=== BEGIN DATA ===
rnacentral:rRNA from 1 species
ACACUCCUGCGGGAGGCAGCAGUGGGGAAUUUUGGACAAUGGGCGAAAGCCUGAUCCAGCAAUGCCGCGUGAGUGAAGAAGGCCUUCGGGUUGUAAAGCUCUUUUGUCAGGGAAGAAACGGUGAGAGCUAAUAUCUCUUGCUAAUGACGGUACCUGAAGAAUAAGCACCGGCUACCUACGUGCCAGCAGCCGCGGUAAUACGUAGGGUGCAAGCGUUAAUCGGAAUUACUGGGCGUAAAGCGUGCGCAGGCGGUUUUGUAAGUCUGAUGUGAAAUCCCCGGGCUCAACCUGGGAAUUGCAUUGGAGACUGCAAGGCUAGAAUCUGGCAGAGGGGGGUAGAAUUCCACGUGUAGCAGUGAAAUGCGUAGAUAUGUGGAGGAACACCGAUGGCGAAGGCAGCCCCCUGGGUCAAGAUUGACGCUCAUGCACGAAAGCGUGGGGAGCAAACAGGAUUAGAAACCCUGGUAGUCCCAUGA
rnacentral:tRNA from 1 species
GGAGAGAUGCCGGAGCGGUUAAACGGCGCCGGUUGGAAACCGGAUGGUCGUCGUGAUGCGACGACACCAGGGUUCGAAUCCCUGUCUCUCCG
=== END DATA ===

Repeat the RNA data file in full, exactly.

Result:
rnacentral:rRNA from 1 species
ACACUCCUGCGGGAGGCAGCAGUGGGGAAUUUUGGACAAUGGGCGAAAGCCUGAUCCAGCAAUGCCGCGUGAGUGAAGAAGGCCUUCGGGUUGUAAAGCUCUUUUGUCAGGGAAGAAACGGUGAGAGCUAAUAUCUCUUGCUAAUGACGGUACCUGAAGAAUAAGCACCGGCUACCUACGUGCCAGCAGCCGCGGUAAUACGUAGGGUGCAAGCGUUAAUCGGAAUUACUGGGCGUAAAGCGUGCGCAGGCGGUUUUGUAAGUCUGAUGUGAAAUCCCCGGGCUCAACCUGGGAAUUGCAUUGGAGACUGCAAGGCUAGAAUCUGGCAGAGGGGGGUAGAAUUCCACGUGUAGCAGUGAAAUGCGUAGAUAUGUGGAGGAACACCGAUGGCGAAGGCAGCCCCCUGGGUCAAGAUUGACGCUCAUGCACGAAAGCGUGGGGAGCAAACAGGAUUAGAAACCCUGGUAGUCCCAUGA
rnacentral:tRNA from 1 species
GGAGAGAUGCCGGAGCGGUUAAACGGCGCCGGUUGGAAACCGGAUGGUCGUCGUGAUGCGACGACACCAGGGUUCGAAUCCCUGUCUCUCCG